US 777369 A
Abstract available in
Claims available in
Description (OCR text may contain errors)
No. 777,369. PATENTED DEC. 13, 1904.
MOTOR VEHICLE ATTACHMENT. APPLIGATION FILED MAY 16, 1904.
. I 212 l/VVE/VTOR finzyfzQyew a B ATTORNEYS Patented December 13, 190i.
HENRY HAYES,- OF DENVER, COLORADO.
SPECIFICATION formingpart of Letters Patent No. 777,369, dated December 13, 1904. Application filed Kay 16, 1904. Serial No. 208,160. (No model-1 To all whom it may concern:
Be it known that I, HENRY HAYES, a citizen of the United States, and a resident of Denver,in the county of Denver and State of U010- rado, haveinvented a new and Improved Motor-Vehicle Attachment, of which the following is a full, clear, and exact description.
This invention relates to an attachment for motor-vehicles designed to prevent motorvehicles from frightening the horses attached attachment for motor-vehicles hereinafter fully described and having the novel features thereof particularly pointed outin the appendcd claims, it being understood that changes in the minor structural details may be made without departing from the spirit of the 111-- vention or sacrificing the advantages thereof.
Reference is to be had to the accompanying drawings, forming a part of this specification, in which similar characters of reference indicate corresponding parts in both views.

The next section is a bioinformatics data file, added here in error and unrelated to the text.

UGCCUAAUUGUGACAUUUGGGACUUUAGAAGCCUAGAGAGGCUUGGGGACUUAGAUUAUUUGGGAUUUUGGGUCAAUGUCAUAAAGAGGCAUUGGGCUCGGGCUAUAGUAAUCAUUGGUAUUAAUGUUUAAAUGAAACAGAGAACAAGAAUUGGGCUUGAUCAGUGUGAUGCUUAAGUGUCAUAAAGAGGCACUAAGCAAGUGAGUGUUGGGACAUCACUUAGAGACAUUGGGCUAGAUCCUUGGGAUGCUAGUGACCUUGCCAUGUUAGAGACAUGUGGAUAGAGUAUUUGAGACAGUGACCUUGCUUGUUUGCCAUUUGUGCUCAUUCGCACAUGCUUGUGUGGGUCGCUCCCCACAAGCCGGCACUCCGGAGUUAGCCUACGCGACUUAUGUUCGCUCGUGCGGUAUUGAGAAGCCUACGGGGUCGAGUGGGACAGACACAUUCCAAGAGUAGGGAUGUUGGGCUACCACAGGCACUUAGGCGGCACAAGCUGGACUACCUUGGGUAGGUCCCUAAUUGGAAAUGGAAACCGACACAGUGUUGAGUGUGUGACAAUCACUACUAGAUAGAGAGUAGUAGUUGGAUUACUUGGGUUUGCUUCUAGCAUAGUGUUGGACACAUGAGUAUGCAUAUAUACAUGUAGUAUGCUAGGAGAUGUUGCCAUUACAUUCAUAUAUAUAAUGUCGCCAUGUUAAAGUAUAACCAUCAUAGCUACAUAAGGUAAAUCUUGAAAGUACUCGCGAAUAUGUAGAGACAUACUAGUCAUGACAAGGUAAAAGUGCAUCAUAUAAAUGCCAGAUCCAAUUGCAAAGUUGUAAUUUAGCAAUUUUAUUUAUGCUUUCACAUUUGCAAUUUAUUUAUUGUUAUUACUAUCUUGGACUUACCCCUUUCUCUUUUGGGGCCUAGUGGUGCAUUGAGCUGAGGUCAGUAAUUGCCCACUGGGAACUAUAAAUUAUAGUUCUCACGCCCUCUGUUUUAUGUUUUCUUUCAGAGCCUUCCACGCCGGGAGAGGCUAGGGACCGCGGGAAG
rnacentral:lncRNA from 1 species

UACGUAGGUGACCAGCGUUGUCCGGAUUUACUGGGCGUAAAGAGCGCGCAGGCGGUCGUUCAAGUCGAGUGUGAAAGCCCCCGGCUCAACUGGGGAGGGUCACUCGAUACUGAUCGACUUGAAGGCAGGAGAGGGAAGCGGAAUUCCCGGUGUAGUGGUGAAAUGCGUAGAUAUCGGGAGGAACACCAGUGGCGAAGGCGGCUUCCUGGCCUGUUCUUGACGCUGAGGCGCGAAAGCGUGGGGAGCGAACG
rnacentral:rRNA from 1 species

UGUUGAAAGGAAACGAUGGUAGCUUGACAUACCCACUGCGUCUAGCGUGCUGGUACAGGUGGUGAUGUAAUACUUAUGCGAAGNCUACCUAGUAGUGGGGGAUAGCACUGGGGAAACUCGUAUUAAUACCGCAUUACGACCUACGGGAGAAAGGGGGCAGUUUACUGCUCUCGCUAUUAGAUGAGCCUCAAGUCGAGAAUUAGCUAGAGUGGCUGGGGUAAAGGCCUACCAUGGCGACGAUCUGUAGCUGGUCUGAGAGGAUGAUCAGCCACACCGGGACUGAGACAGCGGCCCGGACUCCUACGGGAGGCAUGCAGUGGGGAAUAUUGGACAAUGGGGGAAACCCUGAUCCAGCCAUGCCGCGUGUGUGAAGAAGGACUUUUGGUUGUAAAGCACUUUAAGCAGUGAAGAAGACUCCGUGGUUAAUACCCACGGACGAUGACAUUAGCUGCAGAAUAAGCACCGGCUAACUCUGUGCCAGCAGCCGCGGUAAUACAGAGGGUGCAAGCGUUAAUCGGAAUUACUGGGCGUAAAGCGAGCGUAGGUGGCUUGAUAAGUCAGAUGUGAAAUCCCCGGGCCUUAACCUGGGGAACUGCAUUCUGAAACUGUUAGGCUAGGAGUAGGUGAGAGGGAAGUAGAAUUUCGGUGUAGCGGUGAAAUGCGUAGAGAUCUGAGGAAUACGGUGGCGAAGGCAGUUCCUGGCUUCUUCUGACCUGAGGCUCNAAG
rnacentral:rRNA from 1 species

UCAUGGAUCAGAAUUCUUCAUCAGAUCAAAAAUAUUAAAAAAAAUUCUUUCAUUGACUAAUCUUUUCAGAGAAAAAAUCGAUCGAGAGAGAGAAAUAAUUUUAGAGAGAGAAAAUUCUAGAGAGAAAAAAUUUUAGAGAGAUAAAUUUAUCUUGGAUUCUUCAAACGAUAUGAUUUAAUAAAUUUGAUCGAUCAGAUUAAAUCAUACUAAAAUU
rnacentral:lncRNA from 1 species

Figure 1 is an elevational view of the attachment shown in relation to the front of a motor-vehicle, which is shown partially in section; and Fig. 2 is a detail view in section through the head of the figure, which forms the essential part of the attachment.
Referring to the drawings, F designates the figure of an animal, preferably a horse, which is approximately life-size and may be con structed of any suitable material. The figure is supported in front upon a wheel W, preferably provided with a rubber or pneumatic tire and rotatably mounted in a swiv: eled fork 1, which turns in a downwardly-ere tending socket 2, placed between the fore legs of the figure. The hind quarters of the by means of the transverse vertical bolts 6,
which extend through the prongs of each fork 4 just behind the axle 5.
The body 5 of the figure is preferably made hollow, as indicated in Fig. 1, and the tail T of the figure is mounted upon a plate 7 ,which is hinged at 8, so that the plate may be lifted upward to expose the chamber formed within the body of the figure. The elevation of the tail of the figure is indicated in dotted lines in Fig. 1, and when the tail is so elevated free access to the chamber within the body of the figure may be had. The chamber serves as storage-space for fuel, tools, extra tires, and any other equipment with which it is desirable to provide an automobile or motorvehicle.
In the head H of the figure I preferably form a chamber 9 to receive a lamp 10 of any preferred type, and above the chamber 9 a cover-plate 11 is hinged at 12. The coverplate 11 comprises a perforated dome 13 for the escape of the products of combustion from the lamp 10, and near the lower margin the plate is provided with a lens 14, through which the rays from the lamp are directed upon the roadway. At either side of the head of the figure F there are preferably placed colored lenses 15, which correspond to the eyes ofthe animal.
The head H of the figure has hinged. there to ablock 16, which represents the lower jaw of the animal, and a spring 17 is preferably provided by which the block is normally raised. Between the block 16 and the main portion of the head of the figure a bulb 18 is provided, and this bulb 18 has attached thereto a short flaring tube 19 or other device,through which air may be forced to produce a sound of sufficient intensity to serve as an alarm. A